The industrial property market has seen the vacancy rate hit another new record low despite projections of a surge in supply this year, according to a report by Knight Frank.
The Australian Industrial Review Q1 2023 found that Sydney is the tightest market in the East Coast with only 43,759 square metres available, a 51% contraction, while Melbourne has 174,330 square metres, and Brisbane has 226,592 square metres.
The overall drop in vacancy across the major East Coast cities follows a 56% fall over the 2022 calendar year, and an 8% fall over Q4 2022 to see vacancy sit at 547,748 square metres
Across Australia’s East Coast, there is almost 2 million square metres less space available now than the peak in October 2020, when there were 2,405,857 square metres available, equating to an 82% fall.
Knight Frank Partner, Research and Consulting, Jennelle Wilson, said take-up over the first quarter of 2023 was impacted by the limited opportunities on the market, being 26% below the three-year average, totalling 515,653 square metres.
Ms Wilson said that there is an intense competition among tenants for limited available space resulted in further rental growth across all the Eastern Seaboard capital cities.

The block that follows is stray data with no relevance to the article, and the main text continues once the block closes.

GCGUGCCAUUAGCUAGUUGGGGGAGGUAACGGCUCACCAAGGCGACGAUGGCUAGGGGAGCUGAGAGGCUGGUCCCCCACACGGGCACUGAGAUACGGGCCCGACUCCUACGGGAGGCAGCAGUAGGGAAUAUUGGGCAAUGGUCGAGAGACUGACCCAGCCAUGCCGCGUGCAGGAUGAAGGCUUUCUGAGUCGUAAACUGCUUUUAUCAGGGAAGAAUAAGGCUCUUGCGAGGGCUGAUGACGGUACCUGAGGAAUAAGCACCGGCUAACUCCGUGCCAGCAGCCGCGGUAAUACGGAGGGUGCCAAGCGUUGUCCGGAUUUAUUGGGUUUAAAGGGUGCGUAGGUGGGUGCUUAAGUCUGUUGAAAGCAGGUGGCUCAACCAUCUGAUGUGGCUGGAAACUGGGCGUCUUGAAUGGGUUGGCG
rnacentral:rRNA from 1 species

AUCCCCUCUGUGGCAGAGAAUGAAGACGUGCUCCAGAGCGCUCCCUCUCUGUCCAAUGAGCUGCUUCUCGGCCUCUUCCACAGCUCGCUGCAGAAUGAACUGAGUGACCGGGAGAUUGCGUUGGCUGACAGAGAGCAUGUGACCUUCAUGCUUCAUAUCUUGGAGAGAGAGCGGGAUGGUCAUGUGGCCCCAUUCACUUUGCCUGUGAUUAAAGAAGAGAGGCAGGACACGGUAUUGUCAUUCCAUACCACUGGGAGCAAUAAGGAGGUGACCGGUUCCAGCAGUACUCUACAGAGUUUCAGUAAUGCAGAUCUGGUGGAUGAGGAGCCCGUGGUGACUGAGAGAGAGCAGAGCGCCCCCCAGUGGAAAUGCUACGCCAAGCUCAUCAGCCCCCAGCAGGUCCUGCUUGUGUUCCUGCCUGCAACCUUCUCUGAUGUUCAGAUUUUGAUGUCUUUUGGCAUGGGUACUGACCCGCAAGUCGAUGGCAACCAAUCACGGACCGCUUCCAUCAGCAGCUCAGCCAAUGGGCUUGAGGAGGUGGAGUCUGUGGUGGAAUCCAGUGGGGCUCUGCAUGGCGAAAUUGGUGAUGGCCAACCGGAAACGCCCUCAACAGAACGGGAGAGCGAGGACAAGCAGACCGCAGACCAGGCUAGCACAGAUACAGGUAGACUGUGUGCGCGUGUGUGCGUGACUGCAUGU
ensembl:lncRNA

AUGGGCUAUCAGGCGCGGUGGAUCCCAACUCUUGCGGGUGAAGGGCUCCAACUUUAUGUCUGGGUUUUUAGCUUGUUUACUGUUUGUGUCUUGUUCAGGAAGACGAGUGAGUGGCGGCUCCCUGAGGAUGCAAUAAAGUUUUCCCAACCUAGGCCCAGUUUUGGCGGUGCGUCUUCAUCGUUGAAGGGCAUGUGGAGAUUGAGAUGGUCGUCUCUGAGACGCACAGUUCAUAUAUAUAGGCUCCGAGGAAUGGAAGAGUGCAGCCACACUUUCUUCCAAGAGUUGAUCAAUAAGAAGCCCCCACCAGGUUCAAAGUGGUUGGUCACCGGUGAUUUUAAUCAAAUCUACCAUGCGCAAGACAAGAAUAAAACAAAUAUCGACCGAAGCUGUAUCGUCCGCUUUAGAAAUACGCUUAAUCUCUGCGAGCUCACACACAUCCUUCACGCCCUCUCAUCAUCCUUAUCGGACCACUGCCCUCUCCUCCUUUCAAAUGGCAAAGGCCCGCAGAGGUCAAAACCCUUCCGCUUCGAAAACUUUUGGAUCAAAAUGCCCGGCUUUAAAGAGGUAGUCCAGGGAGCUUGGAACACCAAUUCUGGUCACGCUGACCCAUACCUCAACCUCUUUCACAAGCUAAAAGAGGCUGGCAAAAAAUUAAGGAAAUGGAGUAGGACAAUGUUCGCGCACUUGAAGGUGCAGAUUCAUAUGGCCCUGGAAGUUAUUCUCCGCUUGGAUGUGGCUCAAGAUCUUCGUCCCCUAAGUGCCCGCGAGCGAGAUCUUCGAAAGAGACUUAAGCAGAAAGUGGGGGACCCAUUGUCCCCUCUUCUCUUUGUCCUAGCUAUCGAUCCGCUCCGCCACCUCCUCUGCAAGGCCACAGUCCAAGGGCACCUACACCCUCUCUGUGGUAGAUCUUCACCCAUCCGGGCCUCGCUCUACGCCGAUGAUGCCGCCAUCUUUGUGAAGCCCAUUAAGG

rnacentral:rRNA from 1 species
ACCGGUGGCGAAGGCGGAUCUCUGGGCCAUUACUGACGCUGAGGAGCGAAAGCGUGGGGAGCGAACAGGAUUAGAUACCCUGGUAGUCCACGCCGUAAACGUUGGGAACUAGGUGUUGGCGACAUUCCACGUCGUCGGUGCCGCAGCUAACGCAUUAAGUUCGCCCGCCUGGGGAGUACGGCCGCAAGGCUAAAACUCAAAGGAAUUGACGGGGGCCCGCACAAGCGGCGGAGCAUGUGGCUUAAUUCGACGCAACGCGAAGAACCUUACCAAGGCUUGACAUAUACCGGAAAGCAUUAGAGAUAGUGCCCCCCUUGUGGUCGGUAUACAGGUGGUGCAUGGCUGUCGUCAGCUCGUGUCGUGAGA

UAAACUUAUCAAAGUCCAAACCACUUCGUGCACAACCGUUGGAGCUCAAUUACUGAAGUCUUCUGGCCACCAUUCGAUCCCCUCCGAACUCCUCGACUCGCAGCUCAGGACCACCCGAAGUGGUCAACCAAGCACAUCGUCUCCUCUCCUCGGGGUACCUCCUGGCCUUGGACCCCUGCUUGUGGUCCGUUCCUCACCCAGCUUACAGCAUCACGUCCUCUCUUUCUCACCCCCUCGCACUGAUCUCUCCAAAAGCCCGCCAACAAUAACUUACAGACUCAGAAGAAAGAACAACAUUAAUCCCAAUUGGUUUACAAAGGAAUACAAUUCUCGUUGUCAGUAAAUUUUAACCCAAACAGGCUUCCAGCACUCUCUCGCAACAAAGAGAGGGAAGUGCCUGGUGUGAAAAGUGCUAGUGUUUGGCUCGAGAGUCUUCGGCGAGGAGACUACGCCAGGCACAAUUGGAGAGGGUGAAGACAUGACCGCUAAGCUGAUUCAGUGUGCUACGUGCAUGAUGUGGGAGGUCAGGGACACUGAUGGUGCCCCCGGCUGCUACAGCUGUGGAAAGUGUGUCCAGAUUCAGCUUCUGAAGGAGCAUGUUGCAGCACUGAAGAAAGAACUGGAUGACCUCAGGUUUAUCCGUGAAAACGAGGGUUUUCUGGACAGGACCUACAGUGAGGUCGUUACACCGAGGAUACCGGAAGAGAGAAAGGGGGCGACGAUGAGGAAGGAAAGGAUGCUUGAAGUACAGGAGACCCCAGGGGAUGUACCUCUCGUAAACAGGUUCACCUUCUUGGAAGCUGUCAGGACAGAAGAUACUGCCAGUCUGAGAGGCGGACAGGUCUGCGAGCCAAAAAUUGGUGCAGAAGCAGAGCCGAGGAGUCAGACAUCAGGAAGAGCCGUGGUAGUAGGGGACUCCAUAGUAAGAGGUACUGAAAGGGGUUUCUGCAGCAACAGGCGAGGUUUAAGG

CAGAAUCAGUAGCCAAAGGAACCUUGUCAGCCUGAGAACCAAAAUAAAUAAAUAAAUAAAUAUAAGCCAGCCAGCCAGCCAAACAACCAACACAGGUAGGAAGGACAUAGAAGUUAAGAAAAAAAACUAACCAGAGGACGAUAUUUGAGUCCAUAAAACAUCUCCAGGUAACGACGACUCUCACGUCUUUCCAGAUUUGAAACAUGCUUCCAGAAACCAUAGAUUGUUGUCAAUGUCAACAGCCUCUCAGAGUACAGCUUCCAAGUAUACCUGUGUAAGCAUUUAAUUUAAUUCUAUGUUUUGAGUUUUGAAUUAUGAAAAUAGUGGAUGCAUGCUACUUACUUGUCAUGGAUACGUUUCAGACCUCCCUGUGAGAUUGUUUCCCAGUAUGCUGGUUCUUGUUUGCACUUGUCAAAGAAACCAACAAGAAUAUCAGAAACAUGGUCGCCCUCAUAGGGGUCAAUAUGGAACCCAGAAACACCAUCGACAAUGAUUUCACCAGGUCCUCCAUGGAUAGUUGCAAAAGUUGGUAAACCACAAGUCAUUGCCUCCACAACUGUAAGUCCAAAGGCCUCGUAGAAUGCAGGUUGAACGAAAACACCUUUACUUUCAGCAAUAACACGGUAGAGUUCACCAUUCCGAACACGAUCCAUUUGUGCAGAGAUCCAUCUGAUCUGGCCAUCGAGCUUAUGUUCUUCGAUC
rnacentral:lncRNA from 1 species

Ms Wilson added, “Brisbane led the quarterly rental growth by an 8.6% increase, followed by Sydney at 8.2%, with this city overtaking Perth for the fastest growing rents year on year, with prime rents up by 38% over 12 months.
Adelaide and Perth reported 2.5% and two per cent rental growth over the same period, while Melbourne saw moderate growth of 1.5% on limited deals across most submarkets. Incentives continued to decline in Q1 and currently average 10% across the Eastern Seaboard, which stimulated stronger growth in effective rents over the quarter.”
According to Knight Frank data, both prime (340,921sqm) and secondary industrial space (103,760sqm) are at record lows as tenants compete for space. Knight Frank National Head of Industrial Logistics, James Templeton said ongoing strong tenant demand was being met with constrained supply, which had led to increased competition.
“Secondary vacancy is now particularly low as tenants are grabbing immediately available options, with less of a concern regarding grade as long as it is functional,” Mr Templeton said.
“Prime vacancy is also seriously low, however, this grade is being somewhat replenished as speculative developments start construction. “Indeed, speculative space accounts for more than two-thirds of the current vacancy – with almost 194,500 square metres of this still under construction and not available for imminent occupation.
As existing options have been absorbed, speculative developments have taken a greater weighting in available space.”
Mr Templeton said the gradual easing of material cost and supply chain pressures should aid the Eastern Seaboard supply pipeline, allowing it to reach a record of circa 2.5 million square metres in 2023.
He added, “However, 43% of the pipeline is already pre-committed and 10% is owner occupied, so it is unlikely that we will see a significant amount of speculative space entering the market and alleviating the current widespread undersupply.”
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